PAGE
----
Well, that's it folks. 70's Sci-Fi Week is over. I hope you've enjoyed reading as much as I've enjoyed watching and reviewing. For our last review we have a recommendation from my good friend Evan. Whereas yesterday's Zardoz is incredibly enjoyable but in a way not everyone might be able to appreciate, I think A Boy and His Dog is probably the most enjoyable film I've reviewed this week which should be accessible to most everyone. It's also the only film this week that's truly character-driven, making it for me the closest to, you know, an actual movie (sorry plot-driven movies, I hope we can still be friends).That's not to say there's no action, it's just balanced really well with character development and exposition. If you see none of the other movies I review this week, see A Boy and His Dog.
The story follows Vic (played by 25 year old Don Johnson) and his dog Blood (voiced by character actor Tim McIntire) as they travel the wasteland that Arizona has become. A Boy and His Dog presents a post-apocalyptic future (well, 2024, so just barely still the future) where the cold war went hot leading to World War III and eventually precipitated a World War IV in which everybody launched their nukes. Some of humanity decided to move underground, but those who couldn't or wouldn't, like Vic and Blood, wander the resulting wasteland scavenging for food and women.
Eventually Vic meets June, a woman unlike all the others in that she actually wants to be with him. Vic falls for her charms until she runs off and he realizes she's from the underground. Despite Blood's protests and refusal to accompany him, Vic decides to go into the underground after her. In the underground, however, Vic realizes he's been set up: June was on a mission to lure him down there so they can harvest his semen. Apparently living underground too long (inbreeding, anyone?) has caused genetic deficiencies and every decade or so they have to bring in new blood. June breaks Vic out hoping he'll help her take over the underground, but Vic just wants to return to the wasteland above. After witnessing the horrors of her underground society, June decides to come with Vic and the two reunite with Blood who is suffering from starvation having waited too long and the three have to decide what to do. The ending is so unbelievably phenomenal.
|Vic and Blood.|
There's so much to love about this movie. The camaraderie between Vic and Blood is touching especially considering Don Johnson is acting next to a dog whose lines are delivered in voiceover. The character development works really well and the scene where they part so Vic can go into the underground is really heart-wrenching (even the second time watching when you know they get back together in the end). The pacing also works really well with the first two-thirds of the film occurring in the wasteland on the surface and the last third down in the underground with the final reunion at the end. A Boy and His Dog is also just incredibly stylish. Not only are the atmosphere, set design, and costumes well developed and well contrasted between both worlds, but there's also just so much depth to the two worlds from the ominous heard-but-never-seen Screamers and Blood's history lessons above ground to the "helpful hints for living from the Committee Almanac" below.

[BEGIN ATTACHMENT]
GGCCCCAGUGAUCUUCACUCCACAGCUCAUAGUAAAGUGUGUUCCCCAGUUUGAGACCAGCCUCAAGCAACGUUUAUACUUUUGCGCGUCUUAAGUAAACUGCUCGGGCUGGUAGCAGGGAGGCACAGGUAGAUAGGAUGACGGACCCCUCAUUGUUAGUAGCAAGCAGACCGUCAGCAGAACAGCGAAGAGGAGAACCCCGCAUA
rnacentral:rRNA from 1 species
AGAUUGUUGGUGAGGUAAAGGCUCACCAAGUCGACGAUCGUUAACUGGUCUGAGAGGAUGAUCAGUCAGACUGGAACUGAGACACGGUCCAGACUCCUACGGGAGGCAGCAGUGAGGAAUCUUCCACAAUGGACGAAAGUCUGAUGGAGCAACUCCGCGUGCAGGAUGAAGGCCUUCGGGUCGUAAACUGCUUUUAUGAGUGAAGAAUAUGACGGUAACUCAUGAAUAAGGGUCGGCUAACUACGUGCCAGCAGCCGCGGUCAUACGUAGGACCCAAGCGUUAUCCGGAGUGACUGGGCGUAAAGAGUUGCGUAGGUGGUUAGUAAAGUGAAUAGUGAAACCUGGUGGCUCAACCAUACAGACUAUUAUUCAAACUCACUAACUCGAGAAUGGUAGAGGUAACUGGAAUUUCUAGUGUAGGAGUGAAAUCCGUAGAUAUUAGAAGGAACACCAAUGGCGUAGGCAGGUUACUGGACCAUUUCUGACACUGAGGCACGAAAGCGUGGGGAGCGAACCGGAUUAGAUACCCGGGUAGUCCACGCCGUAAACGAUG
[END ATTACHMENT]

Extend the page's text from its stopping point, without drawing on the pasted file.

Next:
Like most movies, A Boy and His Dog does have its problems. The film presents a pretty stereotypical misogynist structure of two guys who are torn apart by the devious female. June brings Vic to the underground for her own manipulative purposes, making him think she's in love with him in order to get her way with the Committee. She almost gets Blood killed since he can't go into the underground and almost starves waiting for Vic to come back. There's no point in the narrative where June is a truly relatable character. She is constantly thinking of herself and how to create a world with only her own interests in mind. While this makes for a great antagonist (again, the ending is so wonderful for this reason), as the only developed female character alongside only male protagonists it doesn't present a very positive vision of femininity.
|Vic in the underground.|
A Boy and His Dog also offers within it a sort of counter-critique to this position, however. Not only is a large proportion of the misogyny coming directly from Vic as a character rather than from the movie itself, but perhaps more importantly the movie exposes the reality of Vic's fantasy. Vic spends a large majority of the movie looking for women to have sex with, which functions as his driving fantasy (whereas Blood wants to find "over the hill", a place where everything's not to desolate). Then, when he's taken to the underground he's hooked up to a machine which milks him for his semen. This betrays the seedy (sorry, bad pun) underside, the Lacanian Real of Vic's fantasy of having sex all the time. The irony here is played for laughs (as Blood notes, "You know if they'd just let you have your own way with the blushing brides instead of hooking you up to a machine you'd probably never come back up."), but at the same time Vic's hesitation and resistance to talking about the situation reveals that perhaps A Boy and His Dog is a little more conscious of what it's doing than its critics realize.
Alright, fine, here's a freaking ranking for those of you who stuck with me this whole week. You've earned it. This is basically in order of how much I want to watch them again/have them in my collection.
1. A Boy and His Dog (1975)
2. Zardoz (1974)
3. Soylent Green (1973)
4. The Black Hole (1979)
5. Logan's Run (1975)
6. Dark Star (1974)
7. The Omega Man (1971)